By Dr. Maria G. Hernandez
Latina Cubicle Confidential™
In nearly every workplace you will find that the most dedicated and hard working employees tend to be given —surprise — more work! There is a strong tendency for managers to notice if someone is trustworthy, focused, and gets the job done and, not surprisingly, they repeatedly to go to that person with the tough assignments.
Are you someone’s “go-to person”?
Sure it can feel good to know that your boss likes how you get your job done and it can be a remarkable way to advance your career quickly. Unfortunately, it can also stall your career and become a total nightmare for your efforts to attempt anything close to work-life balance.
I’m not at all surprised to hear from Latinas that they are their manager’s “go-to-person”. Latinas in the workforce today have more education and opportunities than ever before and we tend to have a strong determination to contribute and support our colleagues and the mission of our employers. We bring a value system that accepts hard work and we often put forward a strong “can-do” attitude as a source of personal pride and integrity.
So how can all that backfire?
It can backfire because of another trait many women bring to the workplace: we don’t ask for what we want — the promotion, the raise, the extra support, more flexible hours or simply time off.
Latinas are especially vulnerable if we assume that asking for help is somehow a sign we cannot juggle all those responsibilities.The result of all this can be burnout and a stagnant career. Many Latinas also manage to juggle everyone’s needs and expectations except perhaps taking care of ourselves. That one ball gets dropped a lot.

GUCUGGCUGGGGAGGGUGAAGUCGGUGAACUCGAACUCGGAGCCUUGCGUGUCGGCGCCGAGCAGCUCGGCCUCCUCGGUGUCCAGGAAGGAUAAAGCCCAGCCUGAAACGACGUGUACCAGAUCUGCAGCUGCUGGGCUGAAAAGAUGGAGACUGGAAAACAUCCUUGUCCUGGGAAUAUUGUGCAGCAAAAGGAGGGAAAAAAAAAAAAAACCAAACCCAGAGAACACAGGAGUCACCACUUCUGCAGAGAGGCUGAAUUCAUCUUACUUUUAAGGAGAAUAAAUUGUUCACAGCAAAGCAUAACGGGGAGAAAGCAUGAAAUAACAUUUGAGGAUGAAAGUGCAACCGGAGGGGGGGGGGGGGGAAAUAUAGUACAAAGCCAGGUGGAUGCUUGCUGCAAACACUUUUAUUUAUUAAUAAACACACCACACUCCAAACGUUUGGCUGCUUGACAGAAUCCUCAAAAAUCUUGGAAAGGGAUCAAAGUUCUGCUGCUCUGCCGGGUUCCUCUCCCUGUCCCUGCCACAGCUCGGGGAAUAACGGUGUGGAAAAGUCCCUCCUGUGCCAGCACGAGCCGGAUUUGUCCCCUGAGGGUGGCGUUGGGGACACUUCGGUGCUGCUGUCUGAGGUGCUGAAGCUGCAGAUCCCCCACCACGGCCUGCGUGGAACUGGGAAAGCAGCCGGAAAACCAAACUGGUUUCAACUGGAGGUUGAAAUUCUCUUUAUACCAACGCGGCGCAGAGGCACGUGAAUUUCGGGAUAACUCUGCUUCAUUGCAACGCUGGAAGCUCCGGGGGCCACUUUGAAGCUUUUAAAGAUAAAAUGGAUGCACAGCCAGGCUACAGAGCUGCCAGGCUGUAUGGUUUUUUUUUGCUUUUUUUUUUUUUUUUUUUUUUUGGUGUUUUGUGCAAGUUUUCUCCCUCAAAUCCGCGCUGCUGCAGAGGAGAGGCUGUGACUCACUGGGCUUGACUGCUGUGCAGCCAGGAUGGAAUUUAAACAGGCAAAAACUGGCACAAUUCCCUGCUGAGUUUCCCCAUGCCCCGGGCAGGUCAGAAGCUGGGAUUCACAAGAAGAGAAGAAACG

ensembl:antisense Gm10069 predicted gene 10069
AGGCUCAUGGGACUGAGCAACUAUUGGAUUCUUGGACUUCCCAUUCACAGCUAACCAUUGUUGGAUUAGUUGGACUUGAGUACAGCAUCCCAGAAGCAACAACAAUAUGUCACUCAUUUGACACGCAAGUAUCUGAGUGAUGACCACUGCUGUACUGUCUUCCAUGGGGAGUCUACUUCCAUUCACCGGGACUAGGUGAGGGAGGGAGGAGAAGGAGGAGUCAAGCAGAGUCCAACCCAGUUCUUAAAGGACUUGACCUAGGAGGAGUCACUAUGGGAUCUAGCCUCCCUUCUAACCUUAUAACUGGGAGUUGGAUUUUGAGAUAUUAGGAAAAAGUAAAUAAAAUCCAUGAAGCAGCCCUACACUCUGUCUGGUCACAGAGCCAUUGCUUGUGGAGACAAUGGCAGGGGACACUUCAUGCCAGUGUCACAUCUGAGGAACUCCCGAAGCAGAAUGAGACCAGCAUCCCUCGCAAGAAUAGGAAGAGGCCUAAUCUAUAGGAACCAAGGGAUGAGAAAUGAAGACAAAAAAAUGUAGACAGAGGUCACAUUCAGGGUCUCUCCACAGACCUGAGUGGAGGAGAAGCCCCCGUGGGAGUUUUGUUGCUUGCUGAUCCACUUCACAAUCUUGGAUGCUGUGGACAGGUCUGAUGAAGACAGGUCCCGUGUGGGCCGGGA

If you are the “go-to-person” in your work team, be sure to ask yourself if it is truly going to lead to more opportunities that you want for your career. Take time to meet with your boss to ask not just about your performance but where this workload is taking your career.
Sometimes your extra assignments are seen as the work you do because you are the only person in the office with certain skills and that you enjoy using those skills. While that may be true, don’t be afraid to ask for a raise or a promotion.
Sometimes the “go-to-person” becomes the “going nowhere person”–your skills are so valuable that no one else is able to do what you do or everyone assumes you’ll always be there to do that one job.
Being indispensible to your boss makes it tough for you to ever leave that role to move on to the next. In these situations, it’s important to let your boss know that you would be willing to develop others who can take that role.
The upside of being someone’s “go-to-person” is that you may have better job security than others. The downside is that you may end up in the same role longer than you expect.
You may find that your skills become highly developed in that one area of work and the rest of your skills suffer. Or your skills don’t keep pace with the new work patterns. Many of the jobs in demand today did not exist just 10 years ago — web optimization specialists, social media relations, on-line customer support.
Work opportunities are changing fast, make sure your job skills keep pace with that world.
Dr. Maria G. Hernandez has 20 years experience consulting in both the United States and Mexico to senior executives in Fortune 50 companies and facilitated change initiatives for elected officials and their staff. She has worked in academia, business, nonprofits, technology startups, and public agencies. For more information, visit Latina Cubicle Confidential™ on Facebook or on Twitter @SavvyLatinaInfo.